As the large dark olive ebbs off in the next few weeks, we have what I would regard as the most exciting time of the dry fly season, especially when you consider the use of a fly that does not hatch from water - the Hawthorne and the black gnat. Why is this time so special some may ask? I spend a lot of time fishing rivers that are not the 'cliche' of fly fishing; these can vary from urban rivers to coarse fishing rivers and tend not to have strong hatches. But this is one of the only times throughout the season you can get to catch a trophy trout rising to a dry fly.
In poor quality water you can really struggle all season for dry fly sport but hawthorn and gnat time is when you can go down your local little stream or river that you have always walked past and regarded as a 'bait' river... and catch! All the biggest trout I have ever caught have came to the hawthorn but what should you be looking for when thinking about using these flies and a how do you fish them?
Without getting too much into entomology the Hawthorn is a terrestrial fly and at times you can see huge black clouds swarming around meadows next to rivers. They are unmissable, as they look like the normal bluebottle fly we all know (and hate) but with legs that hang well below their body. They're also poor fliers - they almost always look like they are hovering - and this is where we as fly fishers come in. People who have wrote about hawthorn in the past say you need a good wind to get them onto the river, but I have found even in no wind there are a huge amount that end up on the river's surface.
There is no mistaking that the trout absolute love this meal. I have seen trout so locked onto them they are oblivious to what is going on around and you can almost cast at them from a rod length away! A drowning hawthorn does not move when it hits the water; there might be a slight buzz from the wing but when trapped in the surface film, it's going nowhere. So what does this mean for a fly angler? We basically need to present a fly with a drag-free drift - a skating fly or dragged fly could send you home fishless - so use any methods in your armoury to fish without drag. If this is a problem for you, land the fly one metre above the fish to lessen the chance of drag. If you don't see any hawthorn on the surface you can guarantee that the trout have been feasting on them in the previous days and weeks and they have become aware of the profile for a food item so, even with no fish rising, a Hawthorne imitation can leave you breathless as it gets smashed out the blue!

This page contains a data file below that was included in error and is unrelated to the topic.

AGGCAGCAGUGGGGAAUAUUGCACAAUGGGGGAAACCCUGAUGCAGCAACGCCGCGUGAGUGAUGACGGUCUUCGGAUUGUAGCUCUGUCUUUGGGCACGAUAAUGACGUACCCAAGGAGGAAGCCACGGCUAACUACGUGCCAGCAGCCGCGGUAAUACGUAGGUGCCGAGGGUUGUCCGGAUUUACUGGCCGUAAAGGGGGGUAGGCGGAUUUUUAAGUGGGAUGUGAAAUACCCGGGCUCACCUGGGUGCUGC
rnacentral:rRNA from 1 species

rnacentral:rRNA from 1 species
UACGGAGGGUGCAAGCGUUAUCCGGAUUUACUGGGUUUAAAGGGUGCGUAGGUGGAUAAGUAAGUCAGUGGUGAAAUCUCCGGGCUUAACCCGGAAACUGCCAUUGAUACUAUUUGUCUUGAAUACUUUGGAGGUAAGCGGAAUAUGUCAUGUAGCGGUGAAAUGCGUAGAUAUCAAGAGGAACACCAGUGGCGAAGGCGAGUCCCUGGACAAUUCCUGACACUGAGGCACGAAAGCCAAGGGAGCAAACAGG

Most of us fly tyers always looks to make the the best looking fly, as its great fun but also the reality from hundreds of years have proved that the best flies are very simple. There are some awesome looking hawthorn imitations out there but there is one fly for me beats everything hands down and that is the old school loch fly called the Bibio. Quite oddly you can read hundreds of magazines and this fly is never mentioned in connection with rivers but its absolutely devastating. Using a touch of floatant will keep this fly in the surface film, giving a deadly profile. A size 14 will be perfect.
Also, one thing to look out for is the dreaded 'masked hatch'. This is where you can see lots of hawthorn on the surface and can be fooled into thinking they (the fish) are taking them when they could of opted for the much smaller fly known as the black gnat. Again, this fly is a terrestrial fly like the hawthorn but smaller in size and a hook size of 16 or 18 in the Bibio will immitate and get you on the fish.
Don't forget to try a different venue than your normal fly water, that old dirty river your Grandad said used to be the colour of red dye could well be gin-clear and have free-rising wild brown trout, ready to be conquered with this awesome way of fishing.